Anderson’s way with actors and his skill with directing swelling ensembles to the same style of detached, deadpan expression, reaches a creative apogee of sorts in Asteroid City as well. Schwartzman commands the main role here, laying bare Augie’s grief and struggle to reconceptualize himself in relationship to it even as he also conveys the curiosity of the actor portraying this bereaved husband. Johansson, similarly, hasn’t been this captivating in years, at once channeling movie-star mystique and conveying the poignant and resigned loneliness of the woman sustaining that illusion.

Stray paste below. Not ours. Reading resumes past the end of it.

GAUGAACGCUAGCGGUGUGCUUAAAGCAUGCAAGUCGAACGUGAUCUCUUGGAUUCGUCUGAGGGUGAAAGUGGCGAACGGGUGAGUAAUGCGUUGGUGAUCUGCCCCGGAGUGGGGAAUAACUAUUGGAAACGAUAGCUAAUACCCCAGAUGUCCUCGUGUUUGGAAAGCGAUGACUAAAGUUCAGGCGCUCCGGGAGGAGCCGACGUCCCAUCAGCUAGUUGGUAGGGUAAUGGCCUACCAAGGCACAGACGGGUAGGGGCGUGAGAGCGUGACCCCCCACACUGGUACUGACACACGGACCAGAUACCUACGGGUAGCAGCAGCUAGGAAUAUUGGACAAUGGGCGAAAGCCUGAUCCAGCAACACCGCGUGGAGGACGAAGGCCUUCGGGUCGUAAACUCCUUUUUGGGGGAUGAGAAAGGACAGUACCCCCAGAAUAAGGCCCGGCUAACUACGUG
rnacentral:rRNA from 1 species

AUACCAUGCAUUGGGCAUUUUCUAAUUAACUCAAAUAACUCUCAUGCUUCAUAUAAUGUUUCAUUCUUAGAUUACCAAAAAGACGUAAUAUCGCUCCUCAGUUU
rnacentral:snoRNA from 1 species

Through these characters, and the intimate bond that they forge in the film’s simulacra of a small-town close encounter, Asteroid City builds in poignancy until its third act, which strides boldly into the unknown in more ways than one, leads the film to ascend into one of Anderson’s most affecting and perhaps emotionally honest films to date. In helping us process the strange and often painful course of our lives, in allowing us to understand what we can and accept what we cannot, performance and artifice let us wear masks to tell the truth, as direct a summation of Anderson’s career interests as any he’s proposed. The pleasure of this film’s surface delights, its many layers of swooning romance and bravura craftsmanship, is one with the existential poetry of its substance. It’s one of Anderson’s most mature and fully formed artistic statements to date.

Grade: A

Focus Features will release Asteroid City in select theaters on Friday, June 16.